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Firm to Watch Mobil Safety From Cypress, 20 Miles Away : Torrance: City officials think Westinghouse should monitor operations from a base closer to the trouble-plagued refinery.

TIMES STAFF WRITER

The firm charged with monitoring safety at the troubled Mobil Oil Corp. refinery in Torrance is setting up shop--not in Torrance, but in the Orange County city of Cypress.

That came as a surprise to some Torrance officials who think Westinghouse Electric Corp. should have its office at or near the 750-acre refinery that has been plagued for years by a series of deadly explosions and fires. They question whether Westinghouse, charged with monitoring the refinery through 1997, can be a vigilant watchdog from 20 miles across the car-choked freeways of the Los Angeles Basin.

“If you’re going to be doing a long-term investigation, it makes sense to have (the office) on site,” Mayor Katy Geissert said.

City Atty. Kenneth L. Nelson said Wednesday that the city will ask Westinghouse to rethink its plans and move to Torrance. If Westinghouse declines, he said, the city could ask the judge supervising the firm for a ruling.

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Westinghouse was assigned in June by retired Superior Court Judge Harry V. Peetris to monitor the refinery as part of a consent decree that settled a 1989 public nuisance lawsuit. The suit was filed by the city after a series of accidents, deaths and explosions over several years called the refinery’s safety into question.

City Councilman Tim Mock said he had presumed that Westinghouse would open an office on the refinery’s grounds, not in Orange County.

“This is rather disturbing to me,” he said.

In February, Mobil spokesman James A. Carbonetti told The Times that it was Westinghouse’s intention “to permanently locate people into Torrance for the conduct of this seven-year association with the city and Mobil.”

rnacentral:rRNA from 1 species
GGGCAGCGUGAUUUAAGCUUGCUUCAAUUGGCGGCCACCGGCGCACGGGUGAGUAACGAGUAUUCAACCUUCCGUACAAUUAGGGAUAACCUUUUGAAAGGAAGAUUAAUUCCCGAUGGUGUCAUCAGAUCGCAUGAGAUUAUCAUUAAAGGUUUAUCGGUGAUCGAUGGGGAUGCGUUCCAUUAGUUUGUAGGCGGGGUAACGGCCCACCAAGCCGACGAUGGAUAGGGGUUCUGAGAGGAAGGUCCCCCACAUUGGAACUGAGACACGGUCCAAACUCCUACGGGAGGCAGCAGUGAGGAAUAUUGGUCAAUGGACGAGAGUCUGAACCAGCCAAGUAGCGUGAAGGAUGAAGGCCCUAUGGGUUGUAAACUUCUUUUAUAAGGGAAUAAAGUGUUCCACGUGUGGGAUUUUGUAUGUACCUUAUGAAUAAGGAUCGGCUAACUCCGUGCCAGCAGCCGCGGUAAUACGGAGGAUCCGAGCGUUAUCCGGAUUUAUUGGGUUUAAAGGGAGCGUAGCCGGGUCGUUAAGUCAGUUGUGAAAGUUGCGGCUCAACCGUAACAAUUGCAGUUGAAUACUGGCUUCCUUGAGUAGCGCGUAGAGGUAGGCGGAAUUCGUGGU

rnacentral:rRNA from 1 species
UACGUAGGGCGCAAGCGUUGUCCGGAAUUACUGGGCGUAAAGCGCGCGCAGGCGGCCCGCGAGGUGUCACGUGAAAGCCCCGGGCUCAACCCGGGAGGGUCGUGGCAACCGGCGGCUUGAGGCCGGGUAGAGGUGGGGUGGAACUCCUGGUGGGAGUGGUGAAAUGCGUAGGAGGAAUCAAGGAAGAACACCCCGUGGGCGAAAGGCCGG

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Westinghouse officials now say they considered a Torrance office but opted for existing Westinghouse quarters in Cypress. Telephone lines and electronic mail will keep them in close touch with the refinery, the officials said this week in a telephone interview from the corporation’s Pittsburgh headquarters.

To monitor the refinery, Westinghouse will obtain data from Mobil and Torrance officials, and will make regular visits to the site.

The debate illustrates the continuing ambiguity of the adviser’s role under the October, 1990, consent decree. The widely praised decree created the adviser’s job, believed to be the only one of its kind at a U.S. refinery.

The city, which has spent $1.4 million on the suit to date, was enthusiastic about the decree until the court named Westinghouse as adviser. One councilman worried that the monitoring would amount to “a fox watching the chicken coop.”

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City officials have questioned Westinghouse’s own safety and environmental record, particularly at a federal nuclear waste dump in Washington state that Westinghouse operates. In hearings in April, the city tried to show that Westinghouse’s experience is weighted heavily toward nuclear energy rather than refineries.

Mobil had asked the court to name Westinghouse as its overseer, while Torrance city officials nominated SRI International of Menlo Park. SRI planned two offices--one at the refinery and one elsewhere in Torrance.

SRI had also budgeted considerably more for the job, up to $1 million on phase one alone. Westinghouse, by contrast, projected spending $350,000 through 1997. Mobil will pay all costs.

But Peetris called the Westinghouse proposal “clearly superior” and praised the experience of its project team members in risk management and other areas.

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Although city officials were stunned by the judge’s selection, they say they remain optimistic that the adviser concept will succeed.

“We certainly are making every effort we can to make this work,” said city Fire Department Battalion Chief Richard R. Nanney, the city’s hazardous materials officer and its liaison with Westinghouse.

Nanney said he would prefer to have Westinghouse located in Torrance but thinks the firm can operate effectively from Cypress.

The office there will officially open Sept. 3. For now, the adviser job will be handled by one full-time staff person in Cypress, program manager Steven T. Maher, with help from other Westinghouse employees.

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Westinghouse is preparing a detailed work plan, said project director B. Griffith Holmes. He estimates the firm should have a general assessment of refinery safety within six months after the September start-up.

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